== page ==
A lot of people are working from home these days. And because of this, they’re facing unique challenges when it comes to structure and focus. I’m no stranger to these challenges—I’ve been a remote worker since 2010. For the past decade, I’ve been on the lookout for habits and routines that will help keep me organized and productive.
A few years ago I stumbled upon a technique called time blocking. And without question, it changed the way I work and quickly became the foundation of my daily structure. Below I’ll show you how I use time blocking to maximize my time and work at a high level every day.
What is time blocking?
Time blocking is a time management technique that allows you to be intentional about how you spend your time. It’s a strategy to organize and plan specific, actionable blocks of work throughout the day.
To get started, you simply need a list of your typical daily tasks and a digital calendar (I use Calendar from Apple). I’ve seen people time block with pencil and paper, but when you need to move things around (which is inevitable), it’s much easier to do so in a digital format. I highly recommend digital over analog here.
Now that you have your tasks and calendar in hand, the next step is to recognize and organize your routine.
Getting started with time blocking
Everyone has a morning routine. You wake up, brush your teeth, make coffee, take the dog out, maybe you meditate or exercise. If you’re not paying attention, you might not notice how much time these mundane rituals take up.
Time blocking helps you become more aware of your time and how you spend it. For instance, on my calendar, I classify the 30 minutes it takes me to get going in the morning as my “Wake up routine”.
Other things are more obvious in the time they take away from your day. Calls, meetings, email, appointments, writing, coding, designing, social media, workouts, and a slew of other daily must-dos. When you’re time blocking, you’ll need to account for each of these activities on your calendar.
Say you like to check emails in the morning and evening. Schedule a 30-minute time slot at 9:00 AM and 5:30 PM to go through your inbox. If you like to exercise after lunch, block in 45 minutes at 1:00 PM to get your steps in for the day.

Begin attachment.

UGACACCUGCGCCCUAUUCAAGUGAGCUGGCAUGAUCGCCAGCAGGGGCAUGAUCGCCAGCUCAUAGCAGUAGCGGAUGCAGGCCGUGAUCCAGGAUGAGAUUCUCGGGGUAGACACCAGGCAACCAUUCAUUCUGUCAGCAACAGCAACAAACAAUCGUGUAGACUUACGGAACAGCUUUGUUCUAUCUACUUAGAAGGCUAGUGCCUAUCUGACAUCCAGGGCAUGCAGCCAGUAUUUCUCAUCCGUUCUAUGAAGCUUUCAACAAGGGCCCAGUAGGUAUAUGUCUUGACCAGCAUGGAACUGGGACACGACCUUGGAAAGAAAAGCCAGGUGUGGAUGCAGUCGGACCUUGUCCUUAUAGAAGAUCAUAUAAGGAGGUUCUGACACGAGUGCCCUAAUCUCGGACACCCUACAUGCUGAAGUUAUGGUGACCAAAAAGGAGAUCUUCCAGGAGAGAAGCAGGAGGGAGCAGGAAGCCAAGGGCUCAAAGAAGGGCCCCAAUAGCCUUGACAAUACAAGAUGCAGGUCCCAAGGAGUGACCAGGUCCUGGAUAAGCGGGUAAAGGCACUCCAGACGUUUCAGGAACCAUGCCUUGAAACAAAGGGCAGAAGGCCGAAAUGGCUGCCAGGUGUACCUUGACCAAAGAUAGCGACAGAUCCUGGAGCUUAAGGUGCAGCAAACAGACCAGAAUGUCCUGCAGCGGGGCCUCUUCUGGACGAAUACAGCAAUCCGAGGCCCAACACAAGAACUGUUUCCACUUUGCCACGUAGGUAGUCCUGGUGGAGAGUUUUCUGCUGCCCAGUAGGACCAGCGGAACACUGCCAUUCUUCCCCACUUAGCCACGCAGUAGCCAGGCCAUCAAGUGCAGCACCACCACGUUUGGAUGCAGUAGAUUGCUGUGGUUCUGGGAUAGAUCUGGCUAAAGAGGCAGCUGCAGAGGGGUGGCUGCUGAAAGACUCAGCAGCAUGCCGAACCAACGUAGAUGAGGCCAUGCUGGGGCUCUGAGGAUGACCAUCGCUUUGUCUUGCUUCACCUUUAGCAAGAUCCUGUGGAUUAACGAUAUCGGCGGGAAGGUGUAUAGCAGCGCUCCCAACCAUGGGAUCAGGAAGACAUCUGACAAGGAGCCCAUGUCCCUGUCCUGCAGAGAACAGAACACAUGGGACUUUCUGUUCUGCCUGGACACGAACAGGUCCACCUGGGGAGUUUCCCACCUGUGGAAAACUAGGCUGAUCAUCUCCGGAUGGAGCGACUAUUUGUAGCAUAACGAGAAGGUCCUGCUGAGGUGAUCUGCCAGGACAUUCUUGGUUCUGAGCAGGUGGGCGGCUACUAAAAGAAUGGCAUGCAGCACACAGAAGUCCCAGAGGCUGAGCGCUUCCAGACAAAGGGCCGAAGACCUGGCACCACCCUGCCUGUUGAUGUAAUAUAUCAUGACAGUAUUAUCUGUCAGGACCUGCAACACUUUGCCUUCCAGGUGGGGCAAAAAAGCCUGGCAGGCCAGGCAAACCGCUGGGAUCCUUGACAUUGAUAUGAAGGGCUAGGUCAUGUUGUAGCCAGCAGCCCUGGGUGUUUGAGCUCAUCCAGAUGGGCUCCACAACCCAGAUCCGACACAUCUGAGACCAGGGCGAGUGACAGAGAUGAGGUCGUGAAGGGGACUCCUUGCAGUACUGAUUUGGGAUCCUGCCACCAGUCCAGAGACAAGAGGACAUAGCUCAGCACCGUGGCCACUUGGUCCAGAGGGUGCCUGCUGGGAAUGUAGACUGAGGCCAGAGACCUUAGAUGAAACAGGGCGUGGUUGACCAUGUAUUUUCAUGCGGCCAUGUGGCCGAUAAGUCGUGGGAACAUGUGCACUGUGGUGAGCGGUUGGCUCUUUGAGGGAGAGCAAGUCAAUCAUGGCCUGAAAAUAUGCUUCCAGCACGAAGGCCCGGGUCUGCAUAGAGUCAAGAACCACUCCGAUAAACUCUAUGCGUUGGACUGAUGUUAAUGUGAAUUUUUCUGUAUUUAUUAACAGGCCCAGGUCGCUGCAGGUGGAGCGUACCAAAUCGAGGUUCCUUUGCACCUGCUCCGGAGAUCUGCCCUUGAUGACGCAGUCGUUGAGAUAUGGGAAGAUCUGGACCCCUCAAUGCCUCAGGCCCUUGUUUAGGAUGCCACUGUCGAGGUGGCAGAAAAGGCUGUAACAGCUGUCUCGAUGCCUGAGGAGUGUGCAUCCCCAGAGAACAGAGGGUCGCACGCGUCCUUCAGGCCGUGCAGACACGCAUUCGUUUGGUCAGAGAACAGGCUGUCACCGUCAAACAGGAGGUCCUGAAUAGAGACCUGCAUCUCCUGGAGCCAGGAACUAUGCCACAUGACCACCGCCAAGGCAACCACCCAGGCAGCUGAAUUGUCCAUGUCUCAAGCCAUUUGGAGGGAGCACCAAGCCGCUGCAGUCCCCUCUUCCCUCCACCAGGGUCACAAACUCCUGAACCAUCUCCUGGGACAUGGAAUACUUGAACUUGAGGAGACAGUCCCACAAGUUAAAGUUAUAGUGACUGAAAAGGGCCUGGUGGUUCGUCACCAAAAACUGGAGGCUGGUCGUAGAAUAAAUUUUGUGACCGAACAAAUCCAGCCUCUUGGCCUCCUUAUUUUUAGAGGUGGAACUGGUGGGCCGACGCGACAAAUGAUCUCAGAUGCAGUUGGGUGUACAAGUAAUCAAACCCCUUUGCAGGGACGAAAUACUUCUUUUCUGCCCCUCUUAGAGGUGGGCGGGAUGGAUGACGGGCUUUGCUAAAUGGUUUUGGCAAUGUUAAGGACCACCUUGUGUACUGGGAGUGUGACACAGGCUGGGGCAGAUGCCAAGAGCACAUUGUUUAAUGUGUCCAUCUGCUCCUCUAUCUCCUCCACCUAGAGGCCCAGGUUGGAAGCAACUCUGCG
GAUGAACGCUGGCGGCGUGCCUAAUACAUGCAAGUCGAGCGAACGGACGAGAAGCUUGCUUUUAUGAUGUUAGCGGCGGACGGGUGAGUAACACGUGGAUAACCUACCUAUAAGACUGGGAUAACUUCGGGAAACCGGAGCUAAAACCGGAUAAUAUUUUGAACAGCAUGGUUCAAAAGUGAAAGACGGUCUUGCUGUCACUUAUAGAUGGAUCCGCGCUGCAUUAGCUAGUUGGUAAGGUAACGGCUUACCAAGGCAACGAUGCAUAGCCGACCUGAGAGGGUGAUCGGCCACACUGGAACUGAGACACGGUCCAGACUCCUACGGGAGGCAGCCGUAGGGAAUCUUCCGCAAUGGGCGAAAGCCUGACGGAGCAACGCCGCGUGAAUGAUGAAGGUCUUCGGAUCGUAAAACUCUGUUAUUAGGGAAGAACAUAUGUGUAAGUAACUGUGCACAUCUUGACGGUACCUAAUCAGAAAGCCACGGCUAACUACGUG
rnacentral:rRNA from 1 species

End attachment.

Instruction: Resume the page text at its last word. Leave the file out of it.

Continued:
Time blocking only works when everything you do on a daily basis has a spot on your calendar. Here’s what my calendar looks like at the moment.
I’ve created separate calendars for the main blocks that make up my day. My calendars include Wake up routine, Workout, Email, SEO/Writing, Website, Lunch, Newsletter, Outreach, Calls & 1:1s, Strategy & Planning, and Family Time.
The times I’ve chosen to do these tasks might seem random at first glance. But they’re actually intentional. Over the past few years, I learned to hone in on performance and schedule certain tasks at certain times.
I like to do my creative work in the morning after my work out, as I feel the most alert and mentally available. I do my strategic planning at the end of the day when I can look back over the day’s accomplishments and plan for the future.
One thing to note here—the time I’ve allotted for each task is dependent on my current workload. The duration of each block can (and likely will) change as priorities shift. For instance, when I’m working on launching a new web initiative, that will likely take priority over outreach or writing. I simply move things around and update my time blocks to account for the change.
Time blocking is better when you can batch tasks
One time blocking hack I find particularly useful is batching similar tasks. If you’ve have a calendar block for “things outside the office”, try to group those individual tasks so you’re efficient with your time.
Grab gas on your way to the coffee shop. Hit up the grocery store after you get your haircut. Mail that letter before grabbing a bite to eat. These are simple examples, but with a little planning, you can be a lot more efficient with your time and save yourself a few trips.
When you batch creative tasks, you have a better chance of high output because your brain is already primed for creative flow state.
Another place batching is particularly helpful is if you need some ramp-up time to perform a particular type of task. We all have the one thing on our calendar we’re dreading. When you batch tasks, you can schedule a few quick wins before you have to spend some hard time on a cumbersome chore.
Finally, batching helps when doing creative tasks like writing, designing, or coding. It’s hard enough finding the focus and attention to produce your best work each day. But when you batch these types of tasks, you have a better chance of high output because your brain is already primed for creative flow state. This will be a game-changer for you, trust me.
Before time blocking, my day would consist of jumping from one task to another on my to-do list without much thought or preparation. I called it “juggle-tasking”.
Now I know that each day I’ll have a prioritized chunk of time to move through my task list and do deep work. And since my tasks are on my calendar, I treat them like appointments and feel an obligation to follow through. It’s a subtle mindset shift, but it works for me and has changed the way I approach my daily work for the better.
I hope you give time blocking a try. If you do, hit me up on Twitter and let me know if it helps your productivity. To your success!